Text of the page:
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Thursday, August 11, 2016

Positioning for the Serve

The serve is typically not viewed as a weapon even at the highest levels of pickleball. But there are a couple of factors that can help the server be more successful in setting the tone for the rally. The first factor is placement of the serve, including depth, direction, and speed. This was discussed at length in Service Strategies and reviewed by Sarah Ansboury in Sarah Talks Serving. The second factor is the position from where the serve is hit. That is the topic for this post.

One consideration is the best position from a defensive perspective. A server should be positioned where he can play the return of serve with his forehand. Most players have a better forehand than a backhand from the baseline. When a right-hander puts this in action, he is on the far left of the service court, as illustrated by Deb Harrison in her video included in Service Motion.

Note how Deb's forehand is on the open side of her half-court. This is the strongest position to return the opponents' shot.

The second consideration is the best position from an offensive perspective. The serving position either makes serving to specific targets easier or harder. Serving from near the centerline makes it easier to serve to opponents' centerline. This is shown in a couple of screen captures from a video in Service Strategies.

This example is effective when serving to left-hander's backhand or to a right-hander who stands in the corner in order to protect his backhand. If the objective is to serve to a right-hander's backhand in this (left) court, the best angle is provided by moving to far corner to serve as shown in the second Deb Harrison photo.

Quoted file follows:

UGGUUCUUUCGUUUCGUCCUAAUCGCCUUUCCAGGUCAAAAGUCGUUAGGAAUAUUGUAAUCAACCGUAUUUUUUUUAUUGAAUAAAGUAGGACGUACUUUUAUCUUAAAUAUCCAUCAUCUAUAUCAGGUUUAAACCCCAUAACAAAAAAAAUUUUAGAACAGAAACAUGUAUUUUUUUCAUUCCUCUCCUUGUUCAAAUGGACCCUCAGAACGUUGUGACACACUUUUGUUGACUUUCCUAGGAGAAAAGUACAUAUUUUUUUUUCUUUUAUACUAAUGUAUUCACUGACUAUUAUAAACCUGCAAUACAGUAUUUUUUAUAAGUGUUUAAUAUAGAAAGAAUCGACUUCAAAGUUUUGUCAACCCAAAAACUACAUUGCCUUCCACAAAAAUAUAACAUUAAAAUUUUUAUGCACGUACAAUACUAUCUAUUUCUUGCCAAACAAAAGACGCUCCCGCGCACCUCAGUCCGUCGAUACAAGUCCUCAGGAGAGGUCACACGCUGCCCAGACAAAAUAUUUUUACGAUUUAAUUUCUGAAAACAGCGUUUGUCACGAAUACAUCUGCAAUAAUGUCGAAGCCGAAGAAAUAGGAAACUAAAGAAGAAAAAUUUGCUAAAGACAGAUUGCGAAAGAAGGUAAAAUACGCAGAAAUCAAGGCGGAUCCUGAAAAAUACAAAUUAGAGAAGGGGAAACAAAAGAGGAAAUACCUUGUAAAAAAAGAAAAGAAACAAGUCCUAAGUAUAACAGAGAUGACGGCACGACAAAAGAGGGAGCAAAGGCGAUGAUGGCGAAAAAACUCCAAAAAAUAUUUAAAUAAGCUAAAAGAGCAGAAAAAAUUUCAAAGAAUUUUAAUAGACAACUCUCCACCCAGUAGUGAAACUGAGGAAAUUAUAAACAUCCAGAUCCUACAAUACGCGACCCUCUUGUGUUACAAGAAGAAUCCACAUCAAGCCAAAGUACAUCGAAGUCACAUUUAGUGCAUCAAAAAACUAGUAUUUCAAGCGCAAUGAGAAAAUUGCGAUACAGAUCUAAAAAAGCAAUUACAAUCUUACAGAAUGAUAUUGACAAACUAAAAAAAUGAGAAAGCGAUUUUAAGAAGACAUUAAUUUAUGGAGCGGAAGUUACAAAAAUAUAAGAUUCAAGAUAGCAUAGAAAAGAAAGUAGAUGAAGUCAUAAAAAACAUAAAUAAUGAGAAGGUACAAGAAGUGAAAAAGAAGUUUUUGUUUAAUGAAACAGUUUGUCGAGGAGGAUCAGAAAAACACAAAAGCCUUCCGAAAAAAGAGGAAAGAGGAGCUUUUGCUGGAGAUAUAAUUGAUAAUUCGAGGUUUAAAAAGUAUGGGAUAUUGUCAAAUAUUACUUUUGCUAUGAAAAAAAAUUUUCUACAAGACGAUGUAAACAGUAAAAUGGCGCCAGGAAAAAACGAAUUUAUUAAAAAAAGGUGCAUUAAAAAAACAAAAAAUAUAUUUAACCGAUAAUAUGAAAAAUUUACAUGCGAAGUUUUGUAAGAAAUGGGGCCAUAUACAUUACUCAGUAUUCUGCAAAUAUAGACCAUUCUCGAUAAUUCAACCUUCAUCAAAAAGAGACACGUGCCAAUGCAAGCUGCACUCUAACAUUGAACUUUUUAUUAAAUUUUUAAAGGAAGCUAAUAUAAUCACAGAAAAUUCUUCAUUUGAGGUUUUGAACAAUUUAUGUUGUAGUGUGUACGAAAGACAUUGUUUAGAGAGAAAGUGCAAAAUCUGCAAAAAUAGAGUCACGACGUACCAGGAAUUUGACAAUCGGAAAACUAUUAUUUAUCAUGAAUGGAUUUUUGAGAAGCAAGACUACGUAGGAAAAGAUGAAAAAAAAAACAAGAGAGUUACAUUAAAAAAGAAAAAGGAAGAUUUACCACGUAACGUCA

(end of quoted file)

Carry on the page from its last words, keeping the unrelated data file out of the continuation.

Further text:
There are several issues with moving to serve. First, there can be a direct conflict with the defensive positioning consideration. Serving from the centerline as shown above means that the service court must be defended with the backhand...unless the server quickly shifts to their left. 

Second, opponents know all about these angles too. If a server moves to the centerline, opponents can predict that they will be vulnerable down the middle. It is important that the serve not be predictable so a serve to the corner should be in the repertoire - even if is weaker than normal.

Remember the most important factor related to the serve when you experiment with various strategies - always get the serve in play. Any advantage gained by position is eliminated when the serve is out of play.

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